Can Cat Rambo keep this up for 10 novels? Let’s hope so: There’s a big finish planned for the final installment.

“I have this long-running, smoldering love triangle that is going to run through the books, and by book 10, I want people deeply invested in the outcome, because I love that,” they said. “I love long series, and you get to the last book and you’re just like, ‘Oh, God, that’s perfect!’ So that’s what I would like to do.”

Cosmic Log Used Book Club

So what’s on Cat Rambo’s reading list? Right now they’re re-reading James S.A. Corey’s Expanse series (which is about to be expanded to, ahem, its ninth and final novel). Rambo is also partial to the space operas created by C.J. Cherryh and Lois McMaster Bujold.

Traitor Baru Cormorant book cover
“The Traitor Baru Cormorant” by Seth Dickinson (Macmillan Publishers)

Rambo had high praise for “The Traitor Baru Cormorant” and other novels in Seth Dickinson’s Masquerade fantasy series. Dickinson delivers a complex tale of empire-building, rebellion and revenge that also addresses gender and race issues.

“That was amazing,” Rambo said of the Masquerade trilogy.

Rambo’s endorsement qualifies “The Traitor Baru Cormorant” as a selection for the Cosmic Log Used Book Club, which highlights books with cosmic themes that have been around long enough to become available in secondhand book shops or your local library. Next year marks the 20th anniversary for Cosmic Log and the CLUB Club, so it’s a good time to review the scores of selections we’ve made since 2002.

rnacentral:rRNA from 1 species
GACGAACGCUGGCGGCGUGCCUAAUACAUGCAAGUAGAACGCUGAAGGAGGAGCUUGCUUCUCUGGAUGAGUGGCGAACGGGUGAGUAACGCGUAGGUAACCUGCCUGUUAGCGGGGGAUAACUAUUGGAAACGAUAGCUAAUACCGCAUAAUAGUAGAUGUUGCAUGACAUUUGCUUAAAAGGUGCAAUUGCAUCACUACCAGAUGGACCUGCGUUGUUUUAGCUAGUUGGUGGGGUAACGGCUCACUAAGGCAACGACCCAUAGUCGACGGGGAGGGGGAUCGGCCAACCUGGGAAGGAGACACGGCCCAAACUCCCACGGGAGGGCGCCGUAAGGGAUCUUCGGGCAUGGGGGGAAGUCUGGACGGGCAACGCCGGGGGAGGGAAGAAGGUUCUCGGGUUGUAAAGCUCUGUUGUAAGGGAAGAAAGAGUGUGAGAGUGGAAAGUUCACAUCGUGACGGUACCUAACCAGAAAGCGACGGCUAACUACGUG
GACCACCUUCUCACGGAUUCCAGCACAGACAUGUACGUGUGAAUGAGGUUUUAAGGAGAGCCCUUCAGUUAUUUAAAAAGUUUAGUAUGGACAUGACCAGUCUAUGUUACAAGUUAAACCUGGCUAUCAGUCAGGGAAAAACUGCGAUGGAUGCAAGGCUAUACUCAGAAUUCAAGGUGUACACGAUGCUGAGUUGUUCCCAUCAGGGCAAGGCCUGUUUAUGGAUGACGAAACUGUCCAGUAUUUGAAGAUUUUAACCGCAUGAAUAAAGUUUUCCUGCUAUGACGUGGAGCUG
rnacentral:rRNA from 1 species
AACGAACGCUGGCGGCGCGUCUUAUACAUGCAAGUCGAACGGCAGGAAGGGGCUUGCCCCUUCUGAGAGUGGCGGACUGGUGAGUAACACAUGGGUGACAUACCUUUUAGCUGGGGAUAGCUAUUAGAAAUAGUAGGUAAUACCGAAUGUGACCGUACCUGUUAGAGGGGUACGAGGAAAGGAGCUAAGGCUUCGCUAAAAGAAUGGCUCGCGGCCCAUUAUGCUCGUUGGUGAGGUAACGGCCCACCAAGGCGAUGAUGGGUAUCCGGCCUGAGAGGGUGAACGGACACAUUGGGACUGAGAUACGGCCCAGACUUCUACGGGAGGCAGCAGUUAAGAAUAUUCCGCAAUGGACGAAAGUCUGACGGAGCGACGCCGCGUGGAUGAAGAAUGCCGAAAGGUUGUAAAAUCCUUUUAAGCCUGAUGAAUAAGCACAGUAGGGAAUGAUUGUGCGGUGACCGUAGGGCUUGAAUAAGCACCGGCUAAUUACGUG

“You Sexy Thing” officially goes on sale on Nov. 16, and Seattle’s University Book Store is presenting a free Zoom event to celebrate the book launch at 6 p.m. PT on that day. Follow this link to register for the virtual launch party, and check out Cat Rambo’s blog to keep up with what they’re up to.

My co-host for the Fiction Science podcast is Dominica Phetteplace, an award-winning writer who is a graduate of the Clarion West Writers Workshop and currently lives in Berkeley, Calif. One of her short stories, “Our Vices,” appears in the upcoming 2022 edition of the Pushcart Prize anthology. To learn more about Phetteplace, check out her website,

Use the form at the bottom of this post to subscribe to Cosmic Log, and stay tuned for future episodes of the Fiction Science podcast via Anchor, Apple, Google, Overcast, Spotify, Breaker, Pocket Casts and Reason. If you like Fiction Science, please rate the podcast and subscribe to get alerts for future episodes.

By Alan Boyle

Mastermind of Cosmic Log, contributor to GeekWire and Universe Today, author of "The Case for Pluto: How a Little Planet Made a Big Difference," past president of the Council for the Advancement of Science Writing.